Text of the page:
Michael Weisz and Milind Mehere

New York-based fintech firm Yieldstreet faces litigation of over £100 million

by Pakistan News
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Michael Weisz and Milind Mehere

LONDON/NEW YORK: Fintech firm Yieldstreet is facing litigation filed by investors who lost more than $100 million in a spectacular series of high-risk defaults and misleadingly marketed alternative investment products – just seven years after it was created to take advantage of US Securities and Exchange Commission (SEC) rules relaxing the definition of supposedly sophisticated “accredited investors”.

The lawsuit has been filed by Peiffer Wolf Carr Kane & Conway (Peiffer Wolf) and Sonn Law Group. It is believed that several Pakistani and Indian investors have lost huge amounts of investments and are part of the cases.

The class-action lawsuit, which has been brought by four investors in the US District Court for the Southern District of New York, states: “The end result is that, claims of no principal loss, in-depth ‘diligence’, and reliance on ‘asset class experts’ notwithstanding, Yieldstreet’s products are poorly sourced and structured, with a default rate five times higher than even that of so-called ‘junk bonds’. Yieldstreet’s junk bonds, however, are mass-marketed to the general public and may be purchased within a matter of minutes by anyone with access to a computer who self-certifies that they earn over $200,000 a year.”

Law firm Peiffer Wolf said in a statement that the FBI and SEC have both been seeking information about the fintech firm’s practices, and interactions with customers.

The lawsuit focuses on false and misleading statements the fintech firm made to investors to induce them to purchase certain products, including vessel deconstruction funds, oil and gas wells, commercial real estate, and modern art.

The law firm has said that Michael Weisz is the soul and life of Yieldstreet and has been running the operations with total control. Indian origin Milind Mehere is the founder and CEO of Yieldstreet and co-founder of Yodle.

“Simply put, Yieldstreet’s overexposed, concentrated loan model was doomed to fail—a ‘sinking ship,’ both literally and figuratively. Duped investors were purchasing Yieldstreet’s vessel deconstruction products at a fever-pace, but none of them knew that the same borrower was on the other end of every deal. Yieldstreet and Weisz were utterly unconcerned with this risk,” said attorney Joseph Peiffer in a statement.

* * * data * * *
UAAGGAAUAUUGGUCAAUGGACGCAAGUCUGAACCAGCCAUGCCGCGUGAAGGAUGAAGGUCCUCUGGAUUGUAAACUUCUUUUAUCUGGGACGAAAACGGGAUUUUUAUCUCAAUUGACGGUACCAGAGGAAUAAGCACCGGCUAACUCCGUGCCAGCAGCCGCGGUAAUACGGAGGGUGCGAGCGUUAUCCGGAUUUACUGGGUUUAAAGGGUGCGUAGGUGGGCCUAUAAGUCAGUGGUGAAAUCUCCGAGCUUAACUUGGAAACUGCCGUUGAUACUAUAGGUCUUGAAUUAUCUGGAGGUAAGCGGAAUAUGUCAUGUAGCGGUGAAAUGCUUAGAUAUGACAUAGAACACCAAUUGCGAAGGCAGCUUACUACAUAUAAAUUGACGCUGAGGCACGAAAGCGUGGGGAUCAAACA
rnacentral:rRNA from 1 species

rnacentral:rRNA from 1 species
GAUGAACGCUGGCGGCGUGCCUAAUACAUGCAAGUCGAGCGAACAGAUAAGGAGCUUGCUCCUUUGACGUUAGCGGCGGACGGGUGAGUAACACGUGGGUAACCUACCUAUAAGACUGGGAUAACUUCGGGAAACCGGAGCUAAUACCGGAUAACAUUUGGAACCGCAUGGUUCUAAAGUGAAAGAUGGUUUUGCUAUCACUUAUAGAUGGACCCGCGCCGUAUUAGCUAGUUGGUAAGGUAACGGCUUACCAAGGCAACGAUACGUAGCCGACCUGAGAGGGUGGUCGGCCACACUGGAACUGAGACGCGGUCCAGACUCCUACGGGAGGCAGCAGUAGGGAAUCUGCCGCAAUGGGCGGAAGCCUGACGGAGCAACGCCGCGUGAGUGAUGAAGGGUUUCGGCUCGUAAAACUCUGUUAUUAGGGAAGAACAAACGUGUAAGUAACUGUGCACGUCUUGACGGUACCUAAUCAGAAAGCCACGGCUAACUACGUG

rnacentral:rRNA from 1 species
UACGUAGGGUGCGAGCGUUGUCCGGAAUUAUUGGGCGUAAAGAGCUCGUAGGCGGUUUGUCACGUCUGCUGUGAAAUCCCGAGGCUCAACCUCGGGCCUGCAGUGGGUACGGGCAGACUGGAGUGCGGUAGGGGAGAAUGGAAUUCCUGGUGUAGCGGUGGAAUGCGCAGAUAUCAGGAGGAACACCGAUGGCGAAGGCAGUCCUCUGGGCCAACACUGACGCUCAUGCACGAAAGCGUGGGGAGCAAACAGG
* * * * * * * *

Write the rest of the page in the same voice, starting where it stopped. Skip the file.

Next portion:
A nightmare investment

Michael Tecku, a resident of Austin, Texas who lost a substantial amount of money in Yieldstreet said the company gave a beautiful dream, “but the reality” was a “nightmare”.

“These investments were marketed as low risk asset-backed institutional investments run by experts with reasonable returns, but the truth is, there are no experts and there is no institution. It’s just one group of hustlers being out-conned by another,” he said.

Yieldstreet aggressively markets its “innovative products” to the general public through social media and direct email campaigns that drive potential investors to the company’s website.

YieldStreet tried to deflect its investment team’s lack of experience by claiming reliance on “asset class experts” to help originate, structure, and service its deals.

However, the experts’ recommendations and warnings were ignored by Yieldstreet’s President Michael Weisz.

Yieldstreet’s mismanagement came to light in March 2020, when one by one its vessel deconstruction funds started to default. Instead of owning up to its misdeeds, the company instead went on an offensive, accusing the borrower and the expert they consulted to structure the deal of “fraud” and “mismanagement.”

In reality, Weisz and Yieldstreet are to blame, as they built an entire portfolio on the premise of ill-founded or poorly sourced deal structures.

Jeff Sonn, managing partner, Sonn Law Group, said: “As of the end of the first quarter of 2020, nearly one-third of Yieldstreet’s portfolio were in default. At best, this was a case of the ‘blind leading the blind.’ Yieldstreet falsely claimed to have a track record, specialised insights, and a history of success handling tens of millions of dollars of investors who were termed ‘accredited,’ but often not very sophisticated.”

In July 2013 the SEC enacted Rule 506(c) permitting general solicitation of accredited investors. YieldStreet was formed soon thereafter, promising to provide accredited investors with “access to innovative income generating products”.

The law firm Peiffer Wolf Carr Kane & Conway, which maintains offices across the world, has called on the Yieldstreet investors to get in touch to join the lawsuit.

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